Zim to open new steel mine 3 times bigger than Ziscosteel

Zisco steel plant mining zimbabwe scaled 1
Zisco steel plant mining zimbabwe scaled 1

Chris Mahove

The Zimbabwe government is working with a Chinese investor to open a new steel mine which is three times bigger than Ziscosteel and will produce 1.2 million tonnes of steel per year.

The Mine, situated in Chivhu at Mwanhize, will be running in the next 10 months and will produce steel at an average USD400 to USD 700 per tonne, which is much cheaper when compared to the production costs in China (USD900 and South Africa (USD 1.300- USD 1.800).

This was revealed by the newly appointed Zanu PF Secretary for Information and War veterans’ leader, Christopher Mutsvangwa at a Black Empowerment Conference hosted by the Zimbabwe Institute of Strategic Thinking (ZIST) in Harare Monday.

“We are building a steel plant which will be in production next year December. Zimbabwe will be producing steel; 1.2 million tonnes as a starter, three times bigger than Zisco in Chivhu at Mwanhize. We have unproven 100 billion tonnes and proven 30 billion tonnes of iron ore. So the company comes to Zimbabwe and says this is the place where we can make steel the cheapest. China makes it at USD900, South Arica USD1.300 to USD1.800 per tonne. Zimbabwe is producing at USD400 to USD 700 per tonne, nobody will beat us in the whole world,” he said.

Mutsvangwa said the company is expected to increase production to between 5 million tonnes and 10 million tonnes in the next ten years, adding it was now sitting on number 278 globally in terms of steel production

He is already number 278 globally from 361 in 2019 to 329 in 2020 and to number 278 this year. This man is not stopping, the one with the company. He controls nickel prices on the global market. He supplies all the major battery makers, Samsung, LG, Cannon, Panasonic, TATL everybody who is making car batteries. He is a major supplier of nickel so he sits astride two industries of the future and that company is in Zimbabwe,” he said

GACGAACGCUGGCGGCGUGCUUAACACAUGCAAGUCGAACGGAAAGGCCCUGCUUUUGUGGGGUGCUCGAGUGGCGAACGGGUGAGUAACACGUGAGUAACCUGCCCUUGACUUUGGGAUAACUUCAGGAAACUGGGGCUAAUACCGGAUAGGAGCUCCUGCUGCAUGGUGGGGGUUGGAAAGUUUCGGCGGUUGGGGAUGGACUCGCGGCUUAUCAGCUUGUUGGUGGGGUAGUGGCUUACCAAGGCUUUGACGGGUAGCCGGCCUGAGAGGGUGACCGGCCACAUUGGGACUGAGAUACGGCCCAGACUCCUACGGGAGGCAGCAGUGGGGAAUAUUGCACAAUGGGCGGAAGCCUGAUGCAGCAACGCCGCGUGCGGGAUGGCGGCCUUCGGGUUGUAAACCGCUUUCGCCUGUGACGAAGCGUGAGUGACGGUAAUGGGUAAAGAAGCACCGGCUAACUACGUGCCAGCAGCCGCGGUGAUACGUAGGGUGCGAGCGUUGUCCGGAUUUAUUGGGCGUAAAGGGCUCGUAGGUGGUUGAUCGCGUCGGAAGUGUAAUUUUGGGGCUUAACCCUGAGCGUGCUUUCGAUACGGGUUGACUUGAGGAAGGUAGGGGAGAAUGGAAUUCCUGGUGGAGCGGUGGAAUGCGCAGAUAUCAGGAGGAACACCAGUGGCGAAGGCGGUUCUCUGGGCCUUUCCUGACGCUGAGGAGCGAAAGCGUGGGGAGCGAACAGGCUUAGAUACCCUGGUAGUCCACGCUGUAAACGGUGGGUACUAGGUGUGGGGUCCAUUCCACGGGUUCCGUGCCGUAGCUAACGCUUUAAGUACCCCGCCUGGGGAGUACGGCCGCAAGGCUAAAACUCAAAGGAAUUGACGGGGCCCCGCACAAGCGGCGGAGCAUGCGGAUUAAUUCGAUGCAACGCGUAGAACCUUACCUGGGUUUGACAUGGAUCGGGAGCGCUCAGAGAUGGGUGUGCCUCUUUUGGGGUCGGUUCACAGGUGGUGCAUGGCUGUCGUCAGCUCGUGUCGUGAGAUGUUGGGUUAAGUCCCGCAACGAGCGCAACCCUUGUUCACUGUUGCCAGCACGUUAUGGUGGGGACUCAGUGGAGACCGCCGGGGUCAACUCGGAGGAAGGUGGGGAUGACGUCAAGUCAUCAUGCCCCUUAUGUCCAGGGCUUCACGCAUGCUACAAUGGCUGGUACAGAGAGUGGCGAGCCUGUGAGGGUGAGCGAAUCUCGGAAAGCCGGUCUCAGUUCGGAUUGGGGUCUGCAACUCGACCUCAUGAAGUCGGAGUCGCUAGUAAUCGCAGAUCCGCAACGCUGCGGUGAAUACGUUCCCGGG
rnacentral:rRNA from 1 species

He said the country was on a massive resources investment drive riding on the quality of its resources which were attracting renowned investors.

“As I speak to you now we are attracting the top 500 companies of the world into Zimbabwe. How does a little country in the middle of Africa, landlocked with 14 million people attract companies of that scale; because your resources are good. Mention any aspect of mineral and we are in the top three or four or five, you can’t believe we are on number 5 in terms of lithium globally. The bomb which America made in 1953 for the hydrogen bomb the lithium came from Bikita but they never mentioned it, it’s true and that is Zimbabwe for you. We are in the game,” he said.

Mutsvangwa said Zimbabwe was poised to be among the top exporters of minerals used in the manufacture of electric vehicle batteries.

“Now in Buhera there is lithium; 150 metres thick and if you are not in the electric vehicle business as a car company you are bust . Look at Tesla, that guy from South Africa he is manufacturing Toyota BT beating everybody. So  what Kuwait is,  what UAE is in terms of the energy of the cars for the future is what Zimbabwe will be, this is exciting because the cars will be driven by electric energy and we have so much Lithium.

“And do you know the trucks coming from DRC and Zambia what they are carrying; they are carrying copper and cobalt. These batteries are made of three minerals; cobalt, nickel and lithium. Sixty per cent of the cobalt comes from the DRC and it passes through Zimbabwe on the way to Mozambique and Lithium is in Zimbabwe.

“You see you can come and put a factory in Zimbabwe and you build factories in Zimbabwe with cobalt from DRC. So we are getting 500 companies doing that and one of them sits astride two major industries which are crucial to Zimbabwe. One is steel the other one is Nickel, lithium and cobalt, the same company, it’s called Shinshan. They are the ones at Selous mining Ferro chrome,” he said

The government is also working towards the resuscitation of Ziscosteel in Redcliff, which at one time was Africa’s largest integrated still works producing one million tonnes per annum at its peak and employing more than 8000 people.

The company exported to Europe, Asia and neighbouring African countries before it collapsed in 2008 at the height of the country’s economic crisis.

The opening of the new steel company and the revival of Ziscosteel will position Zimbabwe as one the biggest steel producers not only in the region but globally and will play a significant role in the country’s quest to achieve an upper middle class economy by 2030.

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